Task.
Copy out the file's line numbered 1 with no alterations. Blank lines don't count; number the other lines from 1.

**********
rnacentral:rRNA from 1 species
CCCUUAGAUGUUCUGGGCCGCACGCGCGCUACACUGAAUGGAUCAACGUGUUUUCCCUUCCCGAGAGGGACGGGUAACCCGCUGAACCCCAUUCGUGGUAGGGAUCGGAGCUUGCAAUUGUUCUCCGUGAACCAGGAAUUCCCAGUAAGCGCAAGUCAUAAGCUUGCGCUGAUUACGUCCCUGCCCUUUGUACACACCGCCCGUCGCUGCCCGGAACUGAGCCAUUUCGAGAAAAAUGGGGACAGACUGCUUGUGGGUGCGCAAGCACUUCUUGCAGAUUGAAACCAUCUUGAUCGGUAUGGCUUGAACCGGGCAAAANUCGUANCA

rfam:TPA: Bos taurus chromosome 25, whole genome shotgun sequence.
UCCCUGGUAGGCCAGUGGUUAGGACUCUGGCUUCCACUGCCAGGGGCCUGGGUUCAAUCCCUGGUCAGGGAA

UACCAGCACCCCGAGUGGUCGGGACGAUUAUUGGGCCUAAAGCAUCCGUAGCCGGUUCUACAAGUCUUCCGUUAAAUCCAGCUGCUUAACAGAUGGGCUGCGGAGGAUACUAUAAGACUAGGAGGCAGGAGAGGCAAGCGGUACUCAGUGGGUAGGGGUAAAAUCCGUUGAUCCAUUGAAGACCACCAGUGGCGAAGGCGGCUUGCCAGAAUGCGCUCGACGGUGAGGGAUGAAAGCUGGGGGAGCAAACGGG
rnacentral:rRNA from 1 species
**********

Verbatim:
rnacentral:rRNA from 1 species